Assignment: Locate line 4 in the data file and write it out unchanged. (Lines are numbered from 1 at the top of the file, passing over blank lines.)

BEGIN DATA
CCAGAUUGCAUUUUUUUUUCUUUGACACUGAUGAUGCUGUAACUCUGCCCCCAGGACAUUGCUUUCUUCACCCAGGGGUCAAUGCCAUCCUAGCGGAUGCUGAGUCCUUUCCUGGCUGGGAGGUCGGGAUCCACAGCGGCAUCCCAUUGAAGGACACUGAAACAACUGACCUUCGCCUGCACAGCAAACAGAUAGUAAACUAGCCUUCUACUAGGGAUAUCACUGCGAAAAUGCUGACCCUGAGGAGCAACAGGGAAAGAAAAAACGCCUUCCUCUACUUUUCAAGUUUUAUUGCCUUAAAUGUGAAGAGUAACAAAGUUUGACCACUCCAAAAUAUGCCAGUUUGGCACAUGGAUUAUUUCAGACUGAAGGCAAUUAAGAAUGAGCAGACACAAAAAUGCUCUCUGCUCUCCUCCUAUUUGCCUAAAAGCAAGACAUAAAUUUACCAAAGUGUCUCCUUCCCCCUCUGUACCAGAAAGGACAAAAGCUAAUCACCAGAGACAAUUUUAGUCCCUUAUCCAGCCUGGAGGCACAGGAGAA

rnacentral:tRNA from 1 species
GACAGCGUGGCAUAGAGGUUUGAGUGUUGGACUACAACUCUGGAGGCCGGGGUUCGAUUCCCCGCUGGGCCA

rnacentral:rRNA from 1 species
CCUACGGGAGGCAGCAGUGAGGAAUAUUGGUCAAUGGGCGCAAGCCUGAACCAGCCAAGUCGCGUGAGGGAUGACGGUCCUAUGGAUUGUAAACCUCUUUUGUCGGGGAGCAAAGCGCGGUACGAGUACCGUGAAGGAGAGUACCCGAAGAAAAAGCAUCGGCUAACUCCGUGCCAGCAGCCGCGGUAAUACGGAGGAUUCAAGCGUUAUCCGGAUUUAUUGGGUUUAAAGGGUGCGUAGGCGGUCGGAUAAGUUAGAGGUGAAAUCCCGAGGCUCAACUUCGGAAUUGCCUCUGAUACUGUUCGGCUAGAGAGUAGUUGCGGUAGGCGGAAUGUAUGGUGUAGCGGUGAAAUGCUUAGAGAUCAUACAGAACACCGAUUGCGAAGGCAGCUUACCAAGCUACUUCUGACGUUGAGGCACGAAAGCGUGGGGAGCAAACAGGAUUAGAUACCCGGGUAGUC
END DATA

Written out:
rnacentral:rRNA from 1 species